This is an anxious time for those in the South Sound’s large, close-knit Samoan and Pacific Islander community. That won’t change until they are able to make contact with friends and loved ones on islands devastated by Tuesday’s killer tsunami.
Many islanders died when four tsunami waves – each 15 to 20 feet high – struck about 20 minutes after an 8.0- to 8.3-magnitude earthquake south of the Samoan Islands. That’s the strongest earthquake to strike the world in the last two years.
Reports of casualties are flooding in from Samoa, the American Samoa territory and Tonga. At this writing, the death toll is 119 and expected to rise.
Relief organizations racing to help the islanders are being stretched thin by two other Pacific Rim disasters: a typhoon that has ravaged the Philippines and an earthquake in Indonesia. They need Americans to show their concern in a tangible way – through their donations (see box). The Samoan disaster is expected to require weeks of relief aid, complicated by the distance from the United States – 2,300 miles from Hawaii, 4,500 miles from the West Coast.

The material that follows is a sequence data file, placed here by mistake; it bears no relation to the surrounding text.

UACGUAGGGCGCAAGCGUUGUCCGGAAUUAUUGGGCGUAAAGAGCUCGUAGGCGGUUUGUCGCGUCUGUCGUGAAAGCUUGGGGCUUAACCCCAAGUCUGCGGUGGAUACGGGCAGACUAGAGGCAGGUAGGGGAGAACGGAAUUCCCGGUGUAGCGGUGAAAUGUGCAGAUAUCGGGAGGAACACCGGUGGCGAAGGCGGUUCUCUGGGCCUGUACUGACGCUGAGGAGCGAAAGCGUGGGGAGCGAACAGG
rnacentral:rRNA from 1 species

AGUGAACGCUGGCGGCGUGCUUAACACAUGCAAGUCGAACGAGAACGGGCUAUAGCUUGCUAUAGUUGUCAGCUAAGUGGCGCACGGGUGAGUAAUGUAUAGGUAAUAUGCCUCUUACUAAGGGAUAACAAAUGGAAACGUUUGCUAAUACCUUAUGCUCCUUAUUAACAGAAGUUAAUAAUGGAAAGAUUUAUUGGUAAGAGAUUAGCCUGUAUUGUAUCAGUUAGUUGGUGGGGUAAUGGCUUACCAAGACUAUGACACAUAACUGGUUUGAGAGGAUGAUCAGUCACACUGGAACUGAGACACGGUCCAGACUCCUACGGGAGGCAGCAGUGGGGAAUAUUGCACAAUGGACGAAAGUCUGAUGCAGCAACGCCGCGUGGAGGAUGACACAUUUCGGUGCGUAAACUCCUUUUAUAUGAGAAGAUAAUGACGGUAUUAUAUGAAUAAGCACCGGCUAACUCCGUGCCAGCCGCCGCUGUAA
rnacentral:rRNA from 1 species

For those of us in the Northwest, the tsunami tragedy hits particularly close to home – and not just because of the kinship ties. Tsunamis have historically struck the Washington and Oregon coasts after strong earthquakes. It’s only a matter of time – and the unstoppable grind of tectonic plates – before it happens again.
What happened to the Samoan Islands will happen here. This region must prepare by educating the public on what to do and where to go, ensuring that escape routes are well-marked and accessible, and having good tsunami warning systems in place.
Many Samoans in coastal areas escaped death by heading upland immediately after feeling quake tremors Tuesday morning. Coastal Northwesterners, take note.
How to help
Donate to reputable relief organizations such as Federal Way’s World Vision, the American Red Cross and AmeriCares. To check out a charity, go to www.charitynavigator.org.